He once was the king of Wall Street.
Sophisticated investors and federal regulators were putty in his hands.
But when Bernie Madoff was led into the ceremonial courtroom of the Daniel Patrick Moynihan Federal Courthouse in New York for his sentencing on June 29, 2009—the proceeding moved to the larger courtroom to accommodate the crowd—the most successful con man in history looked frail and unsteady, a shell of his former self.
I had managed to secure a seat in the jury box, just a few feet to Madoff's right, and I did what reporters do in courtrooms without cameras: I stared at him, intensely, not daring to take my eyes off him in hopes that somehow I might gain some insight—however slight—into what made Madoff tick.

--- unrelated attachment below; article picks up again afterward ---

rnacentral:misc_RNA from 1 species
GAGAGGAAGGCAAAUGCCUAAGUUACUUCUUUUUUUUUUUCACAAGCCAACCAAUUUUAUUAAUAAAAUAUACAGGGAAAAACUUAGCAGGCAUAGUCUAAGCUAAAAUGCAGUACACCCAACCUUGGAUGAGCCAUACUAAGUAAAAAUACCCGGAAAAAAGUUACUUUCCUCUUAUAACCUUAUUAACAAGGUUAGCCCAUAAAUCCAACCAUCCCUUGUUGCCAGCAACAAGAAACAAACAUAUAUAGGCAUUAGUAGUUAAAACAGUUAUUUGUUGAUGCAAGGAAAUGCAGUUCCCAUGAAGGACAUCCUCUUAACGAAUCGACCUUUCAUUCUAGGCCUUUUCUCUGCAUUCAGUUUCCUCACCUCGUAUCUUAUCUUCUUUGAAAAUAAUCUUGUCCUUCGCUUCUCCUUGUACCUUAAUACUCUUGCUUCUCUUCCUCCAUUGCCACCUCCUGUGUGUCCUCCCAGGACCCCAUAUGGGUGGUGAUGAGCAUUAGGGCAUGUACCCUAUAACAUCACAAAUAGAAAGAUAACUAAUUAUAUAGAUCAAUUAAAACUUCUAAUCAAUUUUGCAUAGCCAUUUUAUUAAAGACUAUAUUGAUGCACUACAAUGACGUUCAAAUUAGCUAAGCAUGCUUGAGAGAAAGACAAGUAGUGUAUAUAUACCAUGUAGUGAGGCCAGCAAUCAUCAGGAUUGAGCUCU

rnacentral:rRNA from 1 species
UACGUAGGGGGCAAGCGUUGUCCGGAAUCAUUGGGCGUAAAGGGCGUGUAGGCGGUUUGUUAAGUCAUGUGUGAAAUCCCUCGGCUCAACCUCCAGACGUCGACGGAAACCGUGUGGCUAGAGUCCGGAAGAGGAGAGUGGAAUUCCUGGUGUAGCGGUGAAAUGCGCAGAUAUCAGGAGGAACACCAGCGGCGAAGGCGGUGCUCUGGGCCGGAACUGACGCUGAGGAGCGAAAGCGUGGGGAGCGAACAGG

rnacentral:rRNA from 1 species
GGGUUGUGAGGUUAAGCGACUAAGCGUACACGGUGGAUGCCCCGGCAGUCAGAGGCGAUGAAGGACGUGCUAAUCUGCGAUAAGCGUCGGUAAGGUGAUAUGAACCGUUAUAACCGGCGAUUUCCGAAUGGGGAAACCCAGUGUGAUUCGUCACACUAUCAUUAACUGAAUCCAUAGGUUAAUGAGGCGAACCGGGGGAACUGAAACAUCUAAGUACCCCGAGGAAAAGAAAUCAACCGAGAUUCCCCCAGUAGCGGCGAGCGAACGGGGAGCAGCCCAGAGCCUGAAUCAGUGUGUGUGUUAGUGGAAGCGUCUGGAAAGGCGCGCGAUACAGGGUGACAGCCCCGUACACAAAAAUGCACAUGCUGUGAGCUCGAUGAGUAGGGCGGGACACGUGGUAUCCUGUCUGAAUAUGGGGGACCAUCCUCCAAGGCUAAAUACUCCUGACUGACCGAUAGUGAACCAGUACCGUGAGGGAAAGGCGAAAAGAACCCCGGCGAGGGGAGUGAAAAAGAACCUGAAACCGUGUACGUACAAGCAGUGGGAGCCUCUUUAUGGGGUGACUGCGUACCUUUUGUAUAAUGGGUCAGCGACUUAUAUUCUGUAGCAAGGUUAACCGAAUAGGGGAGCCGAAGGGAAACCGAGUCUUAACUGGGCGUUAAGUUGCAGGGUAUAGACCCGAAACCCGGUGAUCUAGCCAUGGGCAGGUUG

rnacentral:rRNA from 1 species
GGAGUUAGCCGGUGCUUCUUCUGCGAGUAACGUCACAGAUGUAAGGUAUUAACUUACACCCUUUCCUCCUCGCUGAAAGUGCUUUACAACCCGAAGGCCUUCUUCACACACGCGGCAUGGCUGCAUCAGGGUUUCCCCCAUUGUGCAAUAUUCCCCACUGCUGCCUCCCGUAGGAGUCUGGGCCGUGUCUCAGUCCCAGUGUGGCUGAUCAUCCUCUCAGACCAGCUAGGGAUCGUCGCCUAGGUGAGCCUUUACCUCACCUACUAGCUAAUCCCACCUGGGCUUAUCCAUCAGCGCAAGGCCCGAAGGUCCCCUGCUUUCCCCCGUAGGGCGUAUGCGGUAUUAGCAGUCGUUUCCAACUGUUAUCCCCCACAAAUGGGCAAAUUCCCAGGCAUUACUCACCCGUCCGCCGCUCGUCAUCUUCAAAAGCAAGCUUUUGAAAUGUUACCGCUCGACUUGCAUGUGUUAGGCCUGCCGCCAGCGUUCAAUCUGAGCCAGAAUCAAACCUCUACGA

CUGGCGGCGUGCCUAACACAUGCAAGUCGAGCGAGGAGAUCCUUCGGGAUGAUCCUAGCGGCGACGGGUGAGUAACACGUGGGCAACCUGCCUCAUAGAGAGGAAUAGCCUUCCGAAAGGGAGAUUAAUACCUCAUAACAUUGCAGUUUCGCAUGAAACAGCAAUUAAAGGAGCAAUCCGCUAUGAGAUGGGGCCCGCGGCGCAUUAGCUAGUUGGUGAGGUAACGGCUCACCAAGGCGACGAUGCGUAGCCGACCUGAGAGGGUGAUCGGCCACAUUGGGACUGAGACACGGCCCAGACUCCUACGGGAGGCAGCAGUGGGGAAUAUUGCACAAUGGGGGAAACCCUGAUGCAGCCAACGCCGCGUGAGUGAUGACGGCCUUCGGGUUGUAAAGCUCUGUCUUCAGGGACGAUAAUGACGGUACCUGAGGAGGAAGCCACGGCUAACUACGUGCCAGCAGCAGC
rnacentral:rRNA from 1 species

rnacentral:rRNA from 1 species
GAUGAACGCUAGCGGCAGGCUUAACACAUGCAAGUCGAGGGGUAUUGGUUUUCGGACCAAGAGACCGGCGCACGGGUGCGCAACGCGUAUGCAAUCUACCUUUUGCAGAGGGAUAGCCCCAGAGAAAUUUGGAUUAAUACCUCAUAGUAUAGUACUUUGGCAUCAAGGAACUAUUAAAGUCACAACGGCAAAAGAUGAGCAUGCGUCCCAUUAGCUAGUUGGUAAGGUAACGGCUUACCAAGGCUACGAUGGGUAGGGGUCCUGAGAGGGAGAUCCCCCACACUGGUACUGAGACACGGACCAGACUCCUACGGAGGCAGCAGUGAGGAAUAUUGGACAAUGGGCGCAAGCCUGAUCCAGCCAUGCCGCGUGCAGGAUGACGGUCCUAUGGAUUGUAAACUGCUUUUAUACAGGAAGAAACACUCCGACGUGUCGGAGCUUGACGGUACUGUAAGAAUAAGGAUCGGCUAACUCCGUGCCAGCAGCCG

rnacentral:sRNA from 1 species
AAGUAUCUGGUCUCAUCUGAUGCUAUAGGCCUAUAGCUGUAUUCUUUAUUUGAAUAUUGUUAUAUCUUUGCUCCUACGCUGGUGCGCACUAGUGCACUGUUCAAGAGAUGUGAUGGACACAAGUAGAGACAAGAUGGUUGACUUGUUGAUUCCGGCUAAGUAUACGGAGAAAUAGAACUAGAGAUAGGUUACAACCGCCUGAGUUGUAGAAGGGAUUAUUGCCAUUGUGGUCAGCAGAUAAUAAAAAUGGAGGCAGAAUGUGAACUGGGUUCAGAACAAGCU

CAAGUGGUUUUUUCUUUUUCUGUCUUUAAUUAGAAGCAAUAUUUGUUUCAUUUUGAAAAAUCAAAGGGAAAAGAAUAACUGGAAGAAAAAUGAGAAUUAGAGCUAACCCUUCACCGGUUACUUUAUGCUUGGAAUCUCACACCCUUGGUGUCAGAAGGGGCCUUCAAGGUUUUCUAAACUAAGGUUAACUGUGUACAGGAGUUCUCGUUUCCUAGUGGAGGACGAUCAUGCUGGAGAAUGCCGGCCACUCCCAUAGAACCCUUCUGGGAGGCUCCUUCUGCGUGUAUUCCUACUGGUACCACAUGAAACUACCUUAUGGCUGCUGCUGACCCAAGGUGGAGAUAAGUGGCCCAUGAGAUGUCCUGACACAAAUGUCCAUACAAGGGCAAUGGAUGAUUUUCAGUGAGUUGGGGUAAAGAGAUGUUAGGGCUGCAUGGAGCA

I watched him as victim after victimstood and told their stories. Some were angry, many in tears, one shouted out "a monster" at him, but all showed him unbridled contempt.